Self-sorted supramolecular nanofibres—a multicomponent system that consists of several types of fibre, each composed of distinct building units—play a crucial role in complex, well-organized systems with sophisticated functions, such as living cells. Designing and controlling self-sorting events in synthetic materials and understanding their structures and dynamics in detail are important elements in developing functional artificial systems. Here, we describe the in situ real-time imaging of self-sorted supramolecular nanofibre hydrogels consisting of a peptide gelator and an amphiphilic phosphate. The use of appropriate fluorescent probes enabled the visualization of self-sorted fibres entangled in two and three dimensions through confocal laser scanning microscopy and super-resolution imaging, with 80 nm resolution. In situ time-lapse imaging showed that the two types of fibre have different formation rates and that their respective physicochemical properties remain intact in the gel. Moreover, we directly visualized stochastic non-synchronous fibre formation and observed a cooperative mechanism.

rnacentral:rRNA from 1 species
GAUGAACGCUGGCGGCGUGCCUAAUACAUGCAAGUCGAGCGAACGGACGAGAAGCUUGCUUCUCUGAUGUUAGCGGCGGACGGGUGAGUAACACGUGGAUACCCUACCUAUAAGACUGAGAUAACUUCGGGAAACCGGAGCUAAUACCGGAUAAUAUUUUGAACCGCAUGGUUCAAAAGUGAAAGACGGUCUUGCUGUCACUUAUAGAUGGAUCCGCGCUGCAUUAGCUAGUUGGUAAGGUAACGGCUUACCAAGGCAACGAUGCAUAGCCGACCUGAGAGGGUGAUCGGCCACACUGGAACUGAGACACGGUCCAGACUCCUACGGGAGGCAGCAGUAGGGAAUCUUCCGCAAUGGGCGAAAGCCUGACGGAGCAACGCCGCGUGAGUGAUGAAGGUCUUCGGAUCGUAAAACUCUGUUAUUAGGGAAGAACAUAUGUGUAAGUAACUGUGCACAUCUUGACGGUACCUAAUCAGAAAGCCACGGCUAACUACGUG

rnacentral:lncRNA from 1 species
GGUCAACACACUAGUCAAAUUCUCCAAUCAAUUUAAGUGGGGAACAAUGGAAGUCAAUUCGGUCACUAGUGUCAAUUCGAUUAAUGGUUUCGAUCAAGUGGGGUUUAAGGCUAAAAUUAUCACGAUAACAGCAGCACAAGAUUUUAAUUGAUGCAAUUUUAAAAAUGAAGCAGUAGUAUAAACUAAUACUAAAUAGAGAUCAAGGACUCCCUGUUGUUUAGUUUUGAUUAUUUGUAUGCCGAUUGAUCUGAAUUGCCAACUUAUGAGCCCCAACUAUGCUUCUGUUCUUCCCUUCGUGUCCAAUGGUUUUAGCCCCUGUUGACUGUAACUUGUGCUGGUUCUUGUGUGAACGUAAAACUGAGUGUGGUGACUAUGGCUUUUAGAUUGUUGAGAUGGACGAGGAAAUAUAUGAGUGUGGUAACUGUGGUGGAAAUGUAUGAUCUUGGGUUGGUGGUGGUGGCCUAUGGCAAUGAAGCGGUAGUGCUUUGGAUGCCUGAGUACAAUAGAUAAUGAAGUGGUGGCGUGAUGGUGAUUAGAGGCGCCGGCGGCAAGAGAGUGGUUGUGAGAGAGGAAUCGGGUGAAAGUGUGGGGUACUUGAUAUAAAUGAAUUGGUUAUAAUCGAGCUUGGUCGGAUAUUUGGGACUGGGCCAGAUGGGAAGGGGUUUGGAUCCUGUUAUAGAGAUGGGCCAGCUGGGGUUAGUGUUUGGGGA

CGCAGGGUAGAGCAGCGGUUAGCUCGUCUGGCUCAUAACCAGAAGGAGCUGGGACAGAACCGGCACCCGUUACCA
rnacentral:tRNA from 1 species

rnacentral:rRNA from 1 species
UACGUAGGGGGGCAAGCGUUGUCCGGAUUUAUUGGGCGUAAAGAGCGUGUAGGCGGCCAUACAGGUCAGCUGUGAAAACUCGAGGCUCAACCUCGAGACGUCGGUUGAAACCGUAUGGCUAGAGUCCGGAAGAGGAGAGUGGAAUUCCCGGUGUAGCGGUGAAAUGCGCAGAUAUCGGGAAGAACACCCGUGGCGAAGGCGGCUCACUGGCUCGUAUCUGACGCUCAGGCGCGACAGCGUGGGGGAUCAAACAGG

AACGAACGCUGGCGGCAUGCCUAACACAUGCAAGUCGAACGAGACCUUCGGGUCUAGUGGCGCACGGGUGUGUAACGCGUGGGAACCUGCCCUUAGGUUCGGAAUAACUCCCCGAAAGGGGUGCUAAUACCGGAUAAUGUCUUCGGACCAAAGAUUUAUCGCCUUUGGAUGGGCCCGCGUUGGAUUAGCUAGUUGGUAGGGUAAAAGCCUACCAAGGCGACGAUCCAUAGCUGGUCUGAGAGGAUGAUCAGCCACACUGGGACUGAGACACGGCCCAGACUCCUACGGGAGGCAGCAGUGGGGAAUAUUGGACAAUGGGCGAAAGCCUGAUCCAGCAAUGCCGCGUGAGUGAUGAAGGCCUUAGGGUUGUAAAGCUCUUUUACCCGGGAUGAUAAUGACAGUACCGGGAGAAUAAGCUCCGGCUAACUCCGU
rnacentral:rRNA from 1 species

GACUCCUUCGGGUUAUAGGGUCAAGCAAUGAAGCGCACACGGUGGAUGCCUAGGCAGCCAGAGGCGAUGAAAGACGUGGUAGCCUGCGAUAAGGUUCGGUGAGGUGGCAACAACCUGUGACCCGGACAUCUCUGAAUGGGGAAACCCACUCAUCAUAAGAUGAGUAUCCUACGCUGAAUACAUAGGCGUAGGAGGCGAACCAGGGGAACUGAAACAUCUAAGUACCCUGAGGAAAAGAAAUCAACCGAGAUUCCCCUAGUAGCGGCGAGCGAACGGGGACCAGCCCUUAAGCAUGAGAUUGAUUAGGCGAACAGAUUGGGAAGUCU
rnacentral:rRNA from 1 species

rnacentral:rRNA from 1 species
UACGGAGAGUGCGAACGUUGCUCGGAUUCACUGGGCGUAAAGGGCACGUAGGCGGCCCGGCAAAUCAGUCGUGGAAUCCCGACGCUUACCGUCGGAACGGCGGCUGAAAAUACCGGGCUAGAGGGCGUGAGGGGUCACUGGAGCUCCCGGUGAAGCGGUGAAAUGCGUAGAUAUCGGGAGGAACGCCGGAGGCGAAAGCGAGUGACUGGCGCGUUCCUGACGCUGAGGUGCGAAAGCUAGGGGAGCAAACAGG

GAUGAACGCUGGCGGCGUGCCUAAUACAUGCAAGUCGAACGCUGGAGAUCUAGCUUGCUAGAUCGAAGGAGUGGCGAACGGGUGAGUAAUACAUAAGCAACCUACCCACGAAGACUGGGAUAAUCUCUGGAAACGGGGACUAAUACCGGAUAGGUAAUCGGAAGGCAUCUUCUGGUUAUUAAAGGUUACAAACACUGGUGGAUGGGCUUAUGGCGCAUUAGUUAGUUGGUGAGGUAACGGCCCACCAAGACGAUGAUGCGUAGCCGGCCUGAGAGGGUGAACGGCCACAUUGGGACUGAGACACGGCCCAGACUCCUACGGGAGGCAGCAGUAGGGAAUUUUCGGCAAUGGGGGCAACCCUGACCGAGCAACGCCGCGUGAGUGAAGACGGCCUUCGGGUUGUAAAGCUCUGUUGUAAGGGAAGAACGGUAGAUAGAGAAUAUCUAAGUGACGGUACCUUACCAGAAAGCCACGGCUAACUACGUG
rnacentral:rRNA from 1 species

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The authors thank K. Matsuda, M. Suginome and Y. Nagata (Kyoto University) for CD spectra measurements, U. Schwarz (Leica Microsystems) for STED microscopy, Y. Sato (Carl Zeiss Microimaging Co.) for making 3D CLSM images and T. Hirose (Kyoto University) for support with TEM. The authors acknowledge financial support from the CREST (Core Research for Evolutionary Science and Technology) programme of JST (the Japan Science and Technology Agency).
The authors declare no competing financial interests.
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Onogi, S., Shigemitsu, H., Yoshii, T. et al. In situ real-time imaging of self-sorted supramolecular nanofibres. Nature Chem 8, 743–752 (2016). https://doi.org/10.1038/nchem.2526
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